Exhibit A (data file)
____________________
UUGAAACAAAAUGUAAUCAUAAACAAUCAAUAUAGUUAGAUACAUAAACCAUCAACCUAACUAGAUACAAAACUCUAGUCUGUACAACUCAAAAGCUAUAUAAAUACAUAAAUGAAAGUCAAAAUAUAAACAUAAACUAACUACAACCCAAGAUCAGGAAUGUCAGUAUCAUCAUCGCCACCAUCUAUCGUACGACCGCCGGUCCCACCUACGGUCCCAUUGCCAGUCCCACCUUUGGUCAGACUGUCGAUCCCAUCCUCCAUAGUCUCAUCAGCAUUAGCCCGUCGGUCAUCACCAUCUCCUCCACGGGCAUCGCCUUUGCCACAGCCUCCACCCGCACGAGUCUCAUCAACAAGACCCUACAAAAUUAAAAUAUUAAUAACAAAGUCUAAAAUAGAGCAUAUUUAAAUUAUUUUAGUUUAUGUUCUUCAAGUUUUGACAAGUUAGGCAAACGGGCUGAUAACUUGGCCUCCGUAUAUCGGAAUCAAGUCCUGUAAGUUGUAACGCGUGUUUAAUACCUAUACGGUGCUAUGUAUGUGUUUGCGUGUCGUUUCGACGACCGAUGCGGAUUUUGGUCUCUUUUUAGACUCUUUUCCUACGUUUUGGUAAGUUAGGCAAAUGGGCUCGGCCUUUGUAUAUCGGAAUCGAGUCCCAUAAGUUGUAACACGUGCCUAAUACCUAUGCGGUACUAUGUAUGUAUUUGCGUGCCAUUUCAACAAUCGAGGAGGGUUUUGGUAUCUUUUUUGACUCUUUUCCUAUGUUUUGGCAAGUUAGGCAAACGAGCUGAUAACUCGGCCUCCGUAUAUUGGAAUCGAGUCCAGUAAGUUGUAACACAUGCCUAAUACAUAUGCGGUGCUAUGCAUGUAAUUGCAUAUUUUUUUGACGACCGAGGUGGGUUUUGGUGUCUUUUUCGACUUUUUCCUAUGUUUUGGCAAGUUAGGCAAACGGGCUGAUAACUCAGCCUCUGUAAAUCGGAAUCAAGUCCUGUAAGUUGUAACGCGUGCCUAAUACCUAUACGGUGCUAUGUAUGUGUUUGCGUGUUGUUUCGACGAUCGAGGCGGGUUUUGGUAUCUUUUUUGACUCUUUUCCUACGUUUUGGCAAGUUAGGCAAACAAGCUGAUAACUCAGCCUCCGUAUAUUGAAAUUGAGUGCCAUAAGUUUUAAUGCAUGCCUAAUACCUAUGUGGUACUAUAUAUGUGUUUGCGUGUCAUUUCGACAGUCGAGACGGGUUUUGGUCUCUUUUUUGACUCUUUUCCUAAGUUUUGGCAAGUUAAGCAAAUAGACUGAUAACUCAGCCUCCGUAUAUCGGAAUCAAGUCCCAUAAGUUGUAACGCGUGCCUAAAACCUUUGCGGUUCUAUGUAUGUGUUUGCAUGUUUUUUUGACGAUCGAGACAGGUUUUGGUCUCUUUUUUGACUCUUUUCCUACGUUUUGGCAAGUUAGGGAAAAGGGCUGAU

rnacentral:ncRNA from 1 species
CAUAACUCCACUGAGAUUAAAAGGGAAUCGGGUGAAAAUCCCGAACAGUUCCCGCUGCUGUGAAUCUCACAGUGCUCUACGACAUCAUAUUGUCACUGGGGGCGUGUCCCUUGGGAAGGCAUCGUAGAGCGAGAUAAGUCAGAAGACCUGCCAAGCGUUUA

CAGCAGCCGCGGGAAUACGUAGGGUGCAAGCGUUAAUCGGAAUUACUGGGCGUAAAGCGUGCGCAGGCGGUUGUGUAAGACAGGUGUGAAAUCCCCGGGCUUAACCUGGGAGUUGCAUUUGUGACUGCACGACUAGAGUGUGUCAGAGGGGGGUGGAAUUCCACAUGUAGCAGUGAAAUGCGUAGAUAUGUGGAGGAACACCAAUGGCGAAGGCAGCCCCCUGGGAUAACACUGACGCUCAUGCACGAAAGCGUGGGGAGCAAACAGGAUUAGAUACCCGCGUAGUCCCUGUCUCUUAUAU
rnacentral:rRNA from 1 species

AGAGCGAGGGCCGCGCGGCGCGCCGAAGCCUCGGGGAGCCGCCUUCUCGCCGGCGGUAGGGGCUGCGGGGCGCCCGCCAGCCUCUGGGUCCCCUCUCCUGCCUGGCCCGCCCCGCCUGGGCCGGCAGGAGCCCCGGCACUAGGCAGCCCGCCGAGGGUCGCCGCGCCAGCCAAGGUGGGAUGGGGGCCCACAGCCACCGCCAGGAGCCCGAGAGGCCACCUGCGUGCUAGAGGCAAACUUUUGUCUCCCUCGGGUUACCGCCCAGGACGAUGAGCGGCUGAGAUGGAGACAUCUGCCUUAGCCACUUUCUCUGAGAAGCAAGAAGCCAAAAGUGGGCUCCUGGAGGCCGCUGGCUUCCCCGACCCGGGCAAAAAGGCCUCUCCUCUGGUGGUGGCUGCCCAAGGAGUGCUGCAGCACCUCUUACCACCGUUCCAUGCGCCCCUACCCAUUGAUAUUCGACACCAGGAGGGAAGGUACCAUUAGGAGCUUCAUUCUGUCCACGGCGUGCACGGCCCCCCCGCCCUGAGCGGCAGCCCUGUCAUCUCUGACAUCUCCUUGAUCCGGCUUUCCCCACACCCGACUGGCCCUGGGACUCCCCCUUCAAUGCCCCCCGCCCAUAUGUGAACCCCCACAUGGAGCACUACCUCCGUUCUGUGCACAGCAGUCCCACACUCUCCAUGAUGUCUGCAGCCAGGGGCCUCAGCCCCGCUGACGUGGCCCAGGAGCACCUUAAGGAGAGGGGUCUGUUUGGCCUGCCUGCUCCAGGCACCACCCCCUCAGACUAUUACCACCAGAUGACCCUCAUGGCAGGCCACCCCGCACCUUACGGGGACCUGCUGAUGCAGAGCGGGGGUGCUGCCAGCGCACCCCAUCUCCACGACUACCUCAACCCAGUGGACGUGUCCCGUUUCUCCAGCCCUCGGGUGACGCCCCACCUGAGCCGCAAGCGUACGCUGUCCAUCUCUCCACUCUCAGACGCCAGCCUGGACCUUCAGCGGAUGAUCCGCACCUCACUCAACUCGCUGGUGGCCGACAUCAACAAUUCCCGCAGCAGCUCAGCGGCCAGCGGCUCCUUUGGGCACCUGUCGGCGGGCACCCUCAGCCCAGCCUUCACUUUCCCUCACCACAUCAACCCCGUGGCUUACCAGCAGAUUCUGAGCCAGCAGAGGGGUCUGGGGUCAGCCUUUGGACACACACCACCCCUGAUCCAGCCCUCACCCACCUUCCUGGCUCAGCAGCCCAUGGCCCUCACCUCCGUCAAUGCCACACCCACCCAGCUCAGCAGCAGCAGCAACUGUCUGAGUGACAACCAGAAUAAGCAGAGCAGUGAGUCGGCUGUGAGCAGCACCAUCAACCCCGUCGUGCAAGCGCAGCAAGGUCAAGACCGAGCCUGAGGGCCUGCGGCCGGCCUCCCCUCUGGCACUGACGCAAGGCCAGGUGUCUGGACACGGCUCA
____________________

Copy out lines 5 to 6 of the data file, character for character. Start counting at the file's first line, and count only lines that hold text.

rnacentral:rRNA from 1 species

AGAGCGAGGGCCGCGCGGCGCGCCGAAGCCUCGGGGAGCCGCCUUCUCGCCGGCGGUAGGGGCUGCGGGGCGCCCGCCAGCCUCUGGGUCCCCUCUCCUGCCUGGCCCGCCCCGCCUGGGCCGGCAGGAGCCCCGGCACUAGGCAGCCCGCCGAGGGUCGCCGCGCCAGCCAAGGUGGGAUGGGGGCCCACAGCCACCGCCAGGAGCCCGAGAGGCCACCUGCGUGCUAGAGGCAAACUUUUGUCUCCCUCGGGUUACCGCCCAGGACGAUGAGCGGCUGAGAUGGAGACAUCUGCCUUAGCCACUUUCUCUGAGAAGCAAGAAGCCAAAAGUGGGCUCCUGGAGGCCGCUGGCUUCCCCGACCCGGGCAAAAAGGCCUCUCCUCUGGUGGUGGCUGCCCAAGGAGUGCUGCAGCACCUCUUACCACCGUUCCAUGCGCCCCUACCCAUUGAUAUUCGACACCAGGAGGGAAGGUACCAUUAGGAGCUUCAUUCUGUCCACGGCGUGCACGGCCCCCCCGCCCUGAGCGGCAGCCCUGUCAUCUCUGACAUCUCCUUGAUCCGGCUUUCCCCACACCCGACUGGCCCUGGGACUCCCCCUUCAAUGCCCCCCGCCCAUAUGUGAACCCCCACAUGGAGCACUACCUCCGUUCUGUGCACAGCAGUCCCACACUCUCCAUGAUGUCUGCAGCCAGGGGCCUCAGCCCCGCUGACGUGGCCCAGGAGCACCUUAAGGAGAGGGGUCUGUUUGGCCUGCCUGCUCCAGGCACCACCCCCUCAGACUAUUACCACCAGAUGACCCUCAUGGCAGGCCACCCCGCACCUUACGGGGACCUGCUGAUGCAGAGCGGGGGUGCUGCCAGCGCACCCCAUCUCCACGACUACCUCAACCCAGUGGACGUGUCCCGUUUCUCCAGCCCUCGGGUGACGCCCCACCUGAGCCGCAAGCGUACGCUGUCCAUCUCUCCACUCUCAGACGCCAGCCUGGACCUUCAGCGGAUGAUCCGCACCUCACUCAACUCGCUGGUGGCCGACAUCAACAAUUCCCGCAGCAGCUCAGCGGCCAGCGGCUCCUUUGGGCACCUGUCGGCGGGCACCCUCAGCCCAGCCUUCACUUUCCCUCACCACAUCAACCCCGUGGCUUACCAGCAGAUUCUGAGCCAGCAGAGGGGUCUGGGGUCAGCCUUUGGACACACACCACCCCUGAUCCAGCCCUCACCCACCUUCCUGGCUCAGCAGCCCAUGGCCCUCACCUCCGUCAAUGCCACACCCACCCAGCUCAGCAGCAGCAGCAACUGUCUGAGUGACAACCAGAAUAAGCAGAGCAGUGAGUCGGCUGUGAGCAGCACCAUCAACCCCGUCGUGCAAGCGCAGCAAGGUCAAGACCGAGCCUGAGGGCCUGCGGCCGGCCUCCCCUCUGGCACUGACGCAAGGCCAGGUGUCUGGACACGGCUCA